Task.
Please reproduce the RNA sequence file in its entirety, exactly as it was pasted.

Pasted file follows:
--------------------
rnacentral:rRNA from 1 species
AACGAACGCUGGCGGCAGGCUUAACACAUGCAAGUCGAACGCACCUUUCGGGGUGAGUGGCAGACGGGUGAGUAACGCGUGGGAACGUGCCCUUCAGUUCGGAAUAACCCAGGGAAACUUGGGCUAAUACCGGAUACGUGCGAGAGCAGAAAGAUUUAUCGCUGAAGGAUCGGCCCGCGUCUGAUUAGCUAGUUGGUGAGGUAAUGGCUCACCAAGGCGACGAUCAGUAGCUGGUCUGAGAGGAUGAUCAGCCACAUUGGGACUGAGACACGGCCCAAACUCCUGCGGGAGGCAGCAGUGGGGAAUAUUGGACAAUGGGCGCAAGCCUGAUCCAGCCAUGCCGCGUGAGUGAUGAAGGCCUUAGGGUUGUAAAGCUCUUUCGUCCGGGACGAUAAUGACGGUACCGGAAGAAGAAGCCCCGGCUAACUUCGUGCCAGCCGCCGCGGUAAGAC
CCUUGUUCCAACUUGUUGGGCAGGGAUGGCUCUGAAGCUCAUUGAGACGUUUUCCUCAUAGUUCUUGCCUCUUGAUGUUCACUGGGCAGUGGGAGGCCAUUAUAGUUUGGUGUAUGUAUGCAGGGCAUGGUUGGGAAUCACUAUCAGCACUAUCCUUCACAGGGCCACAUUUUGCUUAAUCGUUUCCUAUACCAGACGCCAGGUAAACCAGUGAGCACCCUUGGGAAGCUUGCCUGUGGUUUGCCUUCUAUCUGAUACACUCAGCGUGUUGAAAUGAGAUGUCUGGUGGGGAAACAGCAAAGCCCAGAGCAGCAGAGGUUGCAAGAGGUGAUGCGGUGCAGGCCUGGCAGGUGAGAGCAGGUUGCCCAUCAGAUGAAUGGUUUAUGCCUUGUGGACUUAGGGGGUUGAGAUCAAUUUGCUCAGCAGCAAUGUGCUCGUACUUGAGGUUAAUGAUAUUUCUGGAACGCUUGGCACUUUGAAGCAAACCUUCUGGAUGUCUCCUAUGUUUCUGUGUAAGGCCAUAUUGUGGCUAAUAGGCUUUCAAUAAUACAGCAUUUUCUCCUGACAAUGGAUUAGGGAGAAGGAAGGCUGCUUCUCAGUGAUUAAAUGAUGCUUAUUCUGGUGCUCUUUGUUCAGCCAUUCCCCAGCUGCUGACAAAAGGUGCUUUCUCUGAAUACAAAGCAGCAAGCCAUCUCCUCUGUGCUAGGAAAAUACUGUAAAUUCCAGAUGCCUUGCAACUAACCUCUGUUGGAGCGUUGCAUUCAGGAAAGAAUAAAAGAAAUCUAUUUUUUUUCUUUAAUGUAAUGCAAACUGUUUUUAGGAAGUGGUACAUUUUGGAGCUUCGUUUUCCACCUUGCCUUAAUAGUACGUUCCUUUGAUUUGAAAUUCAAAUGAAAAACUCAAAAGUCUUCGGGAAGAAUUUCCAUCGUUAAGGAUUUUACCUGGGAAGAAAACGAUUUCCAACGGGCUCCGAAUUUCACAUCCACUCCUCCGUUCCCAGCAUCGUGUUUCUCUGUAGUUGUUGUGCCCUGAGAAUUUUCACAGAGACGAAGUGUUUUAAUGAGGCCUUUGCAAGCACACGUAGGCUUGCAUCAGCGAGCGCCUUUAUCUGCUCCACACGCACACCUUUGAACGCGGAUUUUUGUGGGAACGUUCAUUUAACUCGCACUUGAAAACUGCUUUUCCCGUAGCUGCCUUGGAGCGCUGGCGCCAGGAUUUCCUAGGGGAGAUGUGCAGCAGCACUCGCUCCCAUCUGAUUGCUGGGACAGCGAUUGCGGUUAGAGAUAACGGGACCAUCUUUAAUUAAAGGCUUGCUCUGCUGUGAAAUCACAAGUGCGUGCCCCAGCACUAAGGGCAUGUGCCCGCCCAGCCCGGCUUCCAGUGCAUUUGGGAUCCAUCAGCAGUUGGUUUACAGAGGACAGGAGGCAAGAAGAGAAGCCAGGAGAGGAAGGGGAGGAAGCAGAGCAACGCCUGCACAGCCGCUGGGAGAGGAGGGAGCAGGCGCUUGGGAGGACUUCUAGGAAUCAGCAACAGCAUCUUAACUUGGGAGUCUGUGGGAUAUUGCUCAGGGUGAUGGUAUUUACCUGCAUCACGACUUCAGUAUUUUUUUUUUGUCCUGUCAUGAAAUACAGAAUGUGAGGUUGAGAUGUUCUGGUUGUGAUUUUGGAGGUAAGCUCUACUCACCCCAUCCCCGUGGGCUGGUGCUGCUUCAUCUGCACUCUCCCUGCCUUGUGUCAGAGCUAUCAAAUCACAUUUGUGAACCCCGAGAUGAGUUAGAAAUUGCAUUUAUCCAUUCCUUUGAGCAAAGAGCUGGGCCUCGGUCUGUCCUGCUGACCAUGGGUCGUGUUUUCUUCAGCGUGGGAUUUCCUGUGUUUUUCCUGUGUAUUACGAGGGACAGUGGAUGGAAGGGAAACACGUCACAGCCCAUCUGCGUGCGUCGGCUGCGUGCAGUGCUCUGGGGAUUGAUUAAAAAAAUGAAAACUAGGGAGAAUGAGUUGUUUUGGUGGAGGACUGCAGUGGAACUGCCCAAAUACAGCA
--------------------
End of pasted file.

rnacentral:rRNA from 1 species
AACGAACGCUGGCGGCAGGCUUAACACAUGCAAGUCGAACGCACCUUUCGGGGUGAGUGGCAGACGGGUGAGUAACGCGUGGGAACGUGCCCUUCAGUUCGGAAUAACCCAGGGAAACUUGGGCUAAUACCGGAUACGUGCGAGAGCAGAAAGAUUUAUCGCUGAAGGAUCGGCCCGCGUCUGAUUAGCUAGUUGGUGAGGUAAUGGCUCACCAAGGCGACGAUCAGUAGCUGGUCUGAGAGGAUGAUCAGCCACAUUGGGACUGAGACACGGCCCAAACUCCUGCGGGAGGCAGCAGUGGGGAAUAUUGGACAAUGGGCGCAAGCCUGAUCCAGCCAUGCCGCGUGAGUGAUGAAGGCCUUAGGGUUGUAAAGCUCUUUCGUCCGGGACGAUAAUGACGGUACCGGAAGAAGAAGCCCCGGCUAACUUCGUGCCAGCCGCCGCGGUAAGAC
CCUUGUUCCAACUUGUUGGGCAGGGAUGGCUCUGAAGCUCAUUGAGACGUUUUCCUCAUAGUUCUUGCCUCUUGAUGUUCACUGGGCAGUGGGAGGCCAUUAUAGUUUGGUGUAUGUAUGCAGGGCAUGGUUGGGAAUCACUAUCAGCACUAUCCUUCACAGGGCCACAUUUUGCUUAAUCGUUUCCUAUACCAGACGCCAGGUAAACCAGUGAGCACCCUUGGGAAGCUUGCCUGUGGUUUGCCUUCUAUCUGAUACACUCAGCGUGUUGAAAUGAGAUGUCUGGUGGGGAAACAGCAAAGCCCAGAGCAGCAGAGGUUGCAAGAGGUGAUGCGGUGCAGGCCUGGCAGGUGAGAGCAGGUUGCCCAUCAGAUGAAUGGUUUAUGCCUUGUGGACUUAGGGGGUUGAGAUCAAUUUGCUCAGCAGCAAUGUGCUCGUACUUGAGGUUAAUGAUAUUUCUGGAACGCUUGGCACUUUGAAGCAAACCUUCUGGAUGUCUCCUAUGUUUCUGUGUAAGGCCAUAUUGUGGCUAAUAGGCUUUCAAUAAUACAGCAUUUUCUCCUGACAAUGGAUUAGGGAGAAGGAAGGCUGCUUCUCAGUGAUUAAAUGAUGCUUAUUCUGGUGCUCUUUGUUCAGCCAUUCCCCAGCUGCUGACAAAAGGUGCUUUCUCUGAAUACAAAGCAGCAAGCCAUCUCCUCUGUGCUAGGAAAAUACUGUAAAUUCCAGAUGCCUUGCAACUAACCUCUGUUGGAGCGUUGCAUUCAGGAAAGAAUAAAAGAAAUCUAUUUUUUUUCUUUAAUGUAAUGCAAACUGUUUUUAGGAAGUGGUACAUUUUGGAGCUUCGUUUUCCACCUUGCCUUAAUAGUACGUUCCUUUGAUUUGAAAUUCAAAUGAAAAACUCAAAAGUCUUCGGGAAGAAUUUCCAUCGUUAAGGAUUUUACCUGGGAAGAAAACGAUUUCCAACGGGCUCCGAAUUUCACAUCCACUCCUCCGUUCCCAGCAUCGUGUUUCUCUGUAGUUGUUGUGCCCUGAGAAUUUUCACAGAGACGAAGUGUUUUAAUGAGGCCUUUGCAAGCACACGUAGGCUUGCAUCAGCGAGCGCCUUUAUCUGCUCCACACGCACACCUUUGAACGCGGAUUUUUGUGGGAACGUUCAUUUAACUCGCACUUGAAAACUGCUUUUCCCGUAGCUGCCUUGGAGCGCUGGCGCCAGGAUUUCCUAGGGGAGAUGUGCAGCAGCACUCGCUCCCAUCUGAUUGCUGGGACAGCGAUUGCGGUUAGAGAUAACGGGACCAUCUUUAAUUAAAGGCUUGCUCUGCUGUGAAAUCACAAGUGCGUGCCCCAGCACUAAGGGCAUGUGCCCGCCCAGCCCGGCUUCCAGUGCAUUUGGGAUCCAUCAGCAGUUGGUUUACAGAGGACAGGAGGCAAGAAGAGAAGCCAGGAGAGGAAGGGGAGGAAGCAGAGCAACGCCUGCACAGCCGCUGGGAGAGGAGGGAGCAGGCGCUUGGGAGGACUUCUAGGAAUCAGCAACAGCAUCUUAACUUGGGAGUCUGUGGGAUAUUGCUCAGGGUGAUGGUAUUUACCUGCAUCACGACUUCAGUAUUUUUUUUUUGUCCUGUCAUGAAAUACAGAAUGUGAGGUUGAGAUGUUCUGGUUGUGAUUUUGGAGGUAAGCUCUACUCACCCCAUCCCCGUGGGCUGGUGCUGCUUCAUCUGCACUCUCCCUGCCUUGUGUCAGAGCUAUCAAAUCACAUUUGUGAACCCCGAGAUGAGUUAGAAAUUGCAUUUAUCCAUUCCUUUGAGCAAAGAGCUGGGCCUCGGUCUGUCCUGCUGACCAUGGGUCGUGUUUUCUUCAGCGUGGGAUUUCCUGUGUUUUUCCUGUGUAUUACGAGGGACAGUGGAUGGAAGGGAAACACGUCACAGCCCAUCUGCGUGCGUCGGCUGCGUGCAGUGCUCUGGGGAUUGAUUAAAAAAAUGAAAACUAGGGAGAAUGAGUUGUUUUGGUGGAGGACUGCAGUGGAACUGCCCAAAUACAGCA